Lupita Nyong’o Reveals Her Childhood Struggles Of Being Dark-Skinned

KEY POINTS:

  • US-based Kenyan actress Lupita Nyong’o has revealed her childhood struggles of being dark-skinned and the feeling of beauty inferiority.
  • During a joint live Instagram show with celebrated Kenyan artiste and entrepreneur Esther Akothee, the multiple award-winner and international model said she used to be teased because of the colour of her skin.
  • Lupita went ahead to state that she never really got to see dark skin in children’s books, and that was the reason she wrote Sulwe; to help children know that they are beautiful.

US-based Kenyan actress Lupita Nyong’o has revealed her childhood struggles of being dark-skinned and the feeling of beauty inferiority.

During a joint live Instagram show with celebrated Kenyan artiste and entrepreneur Esther Akothee, the multiple award-winner and international model said she used to be teased because of the colour of her skin. Their discussion was largely centred around Lupita’s recently released children book, Sulwe.

“That is why I wrote it (Sulwe). When I was growing up, I got teased for my skin but I also had a sister who was born after me and her skin was lighter than mine,” said the the Oscar award-winning actress.

“When I was five, I felt there was something wrong with my dark skin; ‘I am surrounded by dark-skinned people but how come it is not associated with beauty?’ So I started doing a lot of things that Sulwe was doing in the book.”

Lupita went ahead to state that she never really got to see dark skin in children’s books, and that was the reason she wrote Sulwe; to help children know that they are beautiful.

Lupita Nyongo’s Book, Sulwe
Lupita Nyongo’s Book, Sulwe : Photo Courtesy

“When you are young, at the time before the world tells you what you are worth, your parents and yourself, you have an opportunity to build yourself up. So yeah, that was the inspiration,” she said.

“I mean, I love children and I hope my window for having them has not passed, but … because I was hurt as a child by my skin, I felt that writing this book would make my wound my weapon. That was almost a way to heal the wound inside myself, but also provide for children today.”

A New York Times bestseller and featured in its own episode in the Netflix Bookmarks: Celebrating Black Voices show, Sulwe is aimed at young girls struggling with identity issues.

The book profiles Sulwe, a dark-skinned girl who wants to be as beautiful and desirable as her family. To achieve that elusive goal, she goes on a magical journey into the night when everything about her changes forever.

Using amazing illustrations, the story teaches children about learning to embrace their unique beauty, which comes from within.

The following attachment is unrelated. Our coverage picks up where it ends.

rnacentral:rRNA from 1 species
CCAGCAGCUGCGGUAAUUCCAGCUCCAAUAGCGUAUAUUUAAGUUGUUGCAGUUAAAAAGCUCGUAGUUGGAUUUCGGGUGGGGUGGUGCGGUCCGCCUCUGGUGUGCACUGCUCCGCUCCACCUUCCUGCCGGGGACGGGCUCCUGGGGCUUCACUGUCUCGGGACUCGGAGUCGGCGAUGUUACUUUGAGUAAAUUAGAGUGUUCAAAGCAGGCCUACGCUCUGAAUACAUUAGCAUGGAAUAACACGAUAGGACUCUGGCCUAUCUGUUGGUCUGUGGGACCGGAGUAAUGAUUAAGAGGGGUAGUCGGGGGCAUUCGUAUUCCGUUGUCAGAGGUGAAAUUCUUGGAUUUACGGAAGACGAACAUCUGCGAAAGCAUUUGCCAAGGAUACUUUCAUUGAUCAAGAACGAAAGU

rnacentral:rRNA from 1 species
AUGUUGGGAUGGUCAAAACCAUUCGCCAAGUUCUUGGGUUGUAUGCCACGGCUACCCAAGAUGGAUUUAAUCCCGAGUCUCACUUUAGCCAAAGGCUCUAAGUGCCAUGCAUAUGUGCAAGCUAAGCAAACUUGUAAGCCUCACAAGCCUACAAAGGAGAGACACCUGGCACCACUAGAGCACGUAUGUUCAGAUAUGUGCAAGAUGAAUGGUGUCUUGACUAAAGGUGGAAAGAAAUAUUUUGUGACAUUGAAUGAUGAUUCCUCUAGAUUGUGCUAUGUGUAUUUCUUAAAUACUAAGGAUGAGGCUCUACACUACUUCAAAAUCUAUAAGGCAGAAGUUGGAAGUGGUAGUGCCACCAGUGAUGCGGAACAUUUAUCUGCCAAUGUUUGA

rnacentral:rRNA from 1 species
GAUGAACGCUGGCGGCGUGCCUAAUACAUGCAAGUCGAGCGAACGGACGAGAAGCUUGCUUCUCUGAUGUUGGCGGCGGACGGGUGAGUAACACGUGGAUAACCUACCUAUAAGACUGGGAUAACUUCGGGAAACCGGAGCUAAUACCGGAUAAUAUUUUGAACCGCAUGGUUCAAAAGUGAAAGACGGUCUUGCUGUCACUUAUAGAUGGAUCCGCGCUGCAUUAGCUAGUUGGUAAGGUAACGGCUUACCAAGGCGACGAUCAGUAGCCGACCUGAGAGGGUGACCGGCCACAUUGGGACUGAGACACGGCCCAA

The book that has been translated, published and distributed by Bunk Books and themed around colourism and self-esteem is now available in bookshops across East Africa, with pricing starting at Sh1,190.

Illustrated by Vashti Harrison, the book has receive a Coretta Scott King Illustrator Honour Award and an NAACP Image Award for Outstanding Children’s Literary Work after it was released.

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Speaking on the book’s title, Lupita revealed that Sulwe, which means stars in Luo, was inspired by her mother.

“I remember walking with my mother at night. She would gaze at the stars while referring to them in Luo. I have always loved the sound of the word. That word, sulwe, stayed with me and I would say that if I had a daughter I would call her so – this book is my first child.”

Lupita further revealed that Sulwe would be made into an animated musical film in a partnership with Netflix in a bid to reach a wider audience.

Writing the book was harder than she initially imagined, Lupita revealed.

“I found that writing a book is harder than it appears. I thought I would be done within a weekend, but it took me two years as you have to distil complex ideas into simple language. I wanted it written in Swahili and Luo as I wished I had more children’s book in our national language. It is a pity we ended up developing the colonial language (English) while neglecting our native languages,” she said.

During the discussion, Akothee also revealed she had tried to lighten her skin tone.

“We were living in Nairobi (and) I was still married. I used to go to church and see all these light-skinned mothers. I did not know they were Bantus (and) it is all about adaptation features to survive on planet Earth. That is why most Nilotic people are dark – because of too much sun,” Akothee said.

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